Special: WWDC 2012 Keynote Coverage
Just a reminder, we’ll be over on SchwarzTech.info or on @schwarztechlive with complete coverage of the WWDC keynote starting at 1PM Eastern/10AM Pacific. Afterwards, be sure to come back here for a complete wrap-up!
After our live coverage, we decided to have a “team coverage” write-up in a more refined version of Apple’s newest projects, including the new MacBooks, OS X Mountain Lion, iOS 6, and everything else. If you’d rather watch a video of the keynote yourself, Apple has posted it.
While no computer is named simply MacBook anymore, the entire family got a refresh. All models feature USB 3 and Intel’s Ivy Bridge chips and are faster, have more RAM, more storage, and retain familiar form factors:
Available in 11-inch and 13-inch designs, the new MacBook Air features the latest Core i5 and Core i7 dual-core processors and is perfect for browsing the web, making movies and managing photos. The new integrated Intel HD Graphics 4000 is up to 60 percent faster and gives the MacBook Air plenty of power to tackle games and videos. MacBook Air features flash storage up to four times faster than traditional hard drives for instant-on performance and fast access to your apps and data. Now with 4GB of faster memory, configurable up to 8GB, you can run memory-intensive apps with ease. MacBook Air also features a new FaceTime HD camera that delivers high-definition 720p.
The 13-inch MacBook Pro features the latest Intel Core i5 or Core i7 dual-core processors up to 2.9 GHz with Turbo Boost speeds up to 3.6 GHz. The 15-inch MacBook Pro features the latest Intel Core i7 quad-core processors up to 2.7 GHz with Turbo Boost speeds up to 3.7 GHz and NVIDIA GeForce GT 650M discrete graphics. Both the 13-inch and 15-inch MacBook Pro can be configured with a 1TB hard drive or SSDs up to 512GB that are up to twice as fast as the previous generation.
The 17″ MacBook Pro is now a thing of the past, and pricing for the rest remains similar:
The 11-inch MacBook Air comes with a 1.7 GHz processor, 4GB of memory and is available with 64GB of flash storage starting at $999 (US), and 128GB of flash storage starting at $1,099 (US). The 13-inch MacBook Air comes with a 1.8 GHz processor, 4GB of memory and is available with 128GB of flash storage starting at $1199 (US), and 256GB of flash storage starting at $1,499 (US). Configure-to-order options include a 2.0 GHz Intel Core i7 processor, up to 8GB of 1600 MHz DDR3 onboard memory and up to 512GB flash storage.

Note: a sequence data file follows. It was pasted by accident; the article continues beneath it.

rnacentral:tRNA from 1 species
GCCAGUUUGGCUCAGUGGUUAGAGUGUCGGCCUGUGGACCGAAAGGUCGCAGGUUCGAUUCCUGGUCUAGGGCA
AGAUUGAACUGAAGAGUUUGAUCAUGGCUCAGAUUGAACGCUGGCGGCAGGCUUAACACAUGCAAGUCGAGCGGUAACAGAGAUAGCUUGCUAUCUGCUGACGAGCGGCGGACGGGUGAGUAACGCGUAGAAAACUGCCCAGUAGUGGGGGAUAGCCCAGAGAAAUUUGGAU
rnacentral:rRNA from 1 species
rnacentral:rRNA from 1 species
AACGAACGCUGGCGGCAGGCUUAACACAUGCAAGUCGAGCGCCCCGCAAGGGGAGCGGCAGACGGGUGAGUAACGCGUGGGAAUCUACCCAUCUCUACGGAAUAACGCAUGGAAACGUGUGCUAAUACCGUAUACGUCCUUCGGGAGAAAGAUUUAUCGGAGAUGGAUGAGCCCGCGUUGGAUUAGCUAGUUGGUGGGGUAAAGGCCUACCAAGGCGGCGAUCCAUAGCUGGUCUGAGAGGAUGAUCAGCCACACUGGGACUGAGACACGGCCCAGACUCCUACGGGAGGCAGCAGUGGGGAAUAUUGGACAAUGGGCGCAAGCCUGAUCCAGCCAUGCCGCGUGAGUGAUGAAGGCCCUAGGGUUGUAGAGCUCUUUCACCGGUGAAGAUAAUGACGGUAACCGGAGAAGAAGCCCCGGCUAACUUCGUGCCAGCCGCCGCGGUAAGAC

The 13-inch MacBook Pro is available with a 2.5 GHz dual-core Intel Core i5 processor, 4GB of memory and 500GB hard drive starting at $1,199 (US), and with a 2.9 GHz dual-core Intel Core i7 processor, 8GB of memory and 750GB hard drive starting at $1,499 (US). The 15-inch MacBook Pro is available with a 2.3 GHz quad-core Intel Core i7 processor, 4GB of memory, Intel HD Graphics 4000 and NVIDIA GeForce GT 650M, and 500GB hard drive starting at $1,799 (US); and with a 2.6 GHz quad-core Intel Core i7 processor, 8GB of memory, Intel HD Graphics 4000 and NVIDIA GeForce GT 650M, and 750GB hard drive starting at $2,199 (US). Configure-to-order options include faster quad-core processors up to 2.7 GHz, additional hard drive capacity up to 1TB, up to 8GB of memory and solid state storage up to 512GB.
New MacBook Pro
To make things more confusing than the days of iPad 3 vs. “the new iPad” and then throwing the iPad 2 in the mix, Apple also released another model, that it is simply calling “MacBook Pro with Retina Display” or (in some cases) “The next-generation MacBook Pro” – either way, it features a thinner form factor, flash-based storage, a new MagSafe connector, no optical drive, and a 2880×1800 15.4″ Retina Display, starting at $2,199.